Discovery of ‘dragon man’ skull in China could add species to human family tree
Scientists on Friday announced that a massive fossilized skull at least 140,000 years old is a new species of ancient human, a discovery that could potentially change dominant views about how – and even where – our species, Homo sapiens. , has evolved.
The skull belonged to a mature male who had a huge brain, massive browbones, sunken eyes, and a bulbous nose. It had been hidden in an abandoned well for 85 years after a worker discovered it at a construction site in China.
The researchers named the new species Homo longi, and gave it the nickname “Dragon Man,” for the region of the Dragon River in northeast China, where the skull was found.
The team said that Homo longi, not Neanderthals, was the extinct human species most of the time closely related to our own. If confirmed, it would change the way scientists view the origin of Homo sapiens, which has been constructed over the years from fossil finds and the analysis of ancient DNA.
But a number of experts have disputed this conclusion, published in Three papers which provided the first detailed overview of the fossil. Nonetheless, many still believed the discovery could help scientists reconstruct the human family tree and how modern humans emerged.
All the experts who looked at the data from the studies said it was a magnificent fossil.
“It’s a beautiful thing,” said John Hawks, a paleoanthropologist at the University of Wisconsin-Madison. “It’s very rare to find a fossil like this, with a face in good condition. You dream of finding this stuff.
In 1933, a worker working at a bridge construction site in Harbin City discovered the particular skull. It is likely that the man – whose name has been withheld by his family – admitted he had found a scientifically important specimen. Just four years earlier, researchers had found another human-looking skull, dubbed the Peking Man, near Beijing. He seemed to link the peoples of Asia to their evolutionary precursors.
Rather than hand over the new skull to the Japanese authorities who occupied northeast China at the time, the worker chose to hide it. He hasn’t mentioned the skull to anyone for decades. In an account of the fossil’s discovery, the authors of the new papers speculated that he was ashamed of having worked for the Japanese.
Shortly before his death in 2018, the worker told his family about the fossil. They went to the well and found it. The family donated it to the Hebei University GEO Geoscience Museum, where scientists could immediately see that it had been extremely well preserved.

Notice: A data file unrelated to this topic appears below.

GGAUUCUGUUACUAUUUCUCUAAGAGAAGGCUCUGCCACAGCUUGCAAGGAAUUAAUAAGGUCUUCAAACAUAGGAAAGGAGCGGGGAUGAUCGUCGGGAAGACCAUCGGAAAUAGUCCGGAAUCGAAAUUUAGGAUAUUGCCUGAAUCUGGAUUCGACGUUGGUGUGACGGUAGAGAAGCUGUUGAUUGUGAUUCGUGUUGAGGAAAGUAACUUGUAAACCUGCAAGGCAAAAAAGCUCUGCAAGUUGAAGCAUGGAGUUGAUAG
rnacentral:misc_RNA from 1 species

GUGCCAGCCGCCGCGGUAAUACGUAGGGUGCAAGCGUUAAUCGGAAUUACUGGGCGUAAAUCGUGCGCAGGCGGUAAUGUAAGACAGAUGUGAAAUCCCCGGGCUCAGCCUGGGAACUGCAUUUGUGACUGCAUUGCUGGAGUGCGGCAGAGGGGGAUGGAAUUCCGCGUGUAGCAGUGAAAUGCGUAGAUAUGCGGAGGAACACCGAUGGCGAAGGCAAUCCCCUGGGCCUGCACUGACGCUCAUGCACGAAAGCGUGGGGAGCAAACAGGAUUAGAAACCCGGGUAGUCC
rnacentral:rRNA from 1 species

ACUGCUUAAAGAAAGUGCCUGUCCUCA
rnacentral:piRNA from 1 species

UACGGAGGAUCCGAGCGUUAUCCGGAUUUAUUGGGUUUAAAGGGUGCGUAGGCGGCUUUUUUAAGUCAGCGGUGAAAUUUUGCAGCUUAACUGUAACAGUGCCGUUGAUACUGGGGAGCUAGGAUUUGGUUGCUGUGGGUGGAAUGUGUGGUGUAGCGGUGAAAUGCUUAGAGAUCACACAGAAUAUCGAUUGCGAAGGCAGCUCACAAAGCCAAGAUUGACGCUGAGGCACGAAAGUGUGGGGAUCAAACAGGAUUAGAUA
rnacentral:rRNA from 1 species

In articles published Friday, researchers argued that Homo longi appears to have been a tall adult. Her cheeks were flat and her mouth wide. The lower jaw is missing, but researchers deduce from the dragon man’s upper jaw and other fossil human skulls that it likely did not have a chin. They say his brain was about 7 percent larger than the average brain of a living human being.
The researchers argue that Dragon Man’s combination of anatomical features are not found in any of the previously named hominid species, the lineage of bipedal monkeys that diverges from other African species. monkeys. They then evolved into larger brained species that set the stage for the expansion of Homo sapiens across the globe.
“It’s distinctive enough to be a different species,” said Christopher Stringer, a paleoanthropologist at the Natural History Museum in London and co-author of two of Dragon Man’s three papers.
Scientists analyzed the chemical composition of the fossil and determined that it was at least 146,000 years old, but no more than 309,000 years old.
Today, the planet is home to only one species of hominids: Homo sapiens. But Dragon Man existed at a time when a number of radically different types of hominids coexisted, including Homo erectus – a large human with a brain two-thirds the size of ours – as well as tiny hominids including Homo naledi in South Africa. Southern, Homo floresiensis in Indonesia and Homo luzonensis in the Philippines.
The oldest Homo sapiens fossils also date from this period. Neanderthals – who shared our large brains and sophisticated tool-making – traveled from Europe to Central Asia during the time dragon man may have lived.
In recent years, studies of fossil DNA have also revealed another human lineage from this period, the Denisovans. Much of the DNA came from isolated teeth, chipped bones, and even dirt. These remains are not enough to show us what the Denisovans looked like.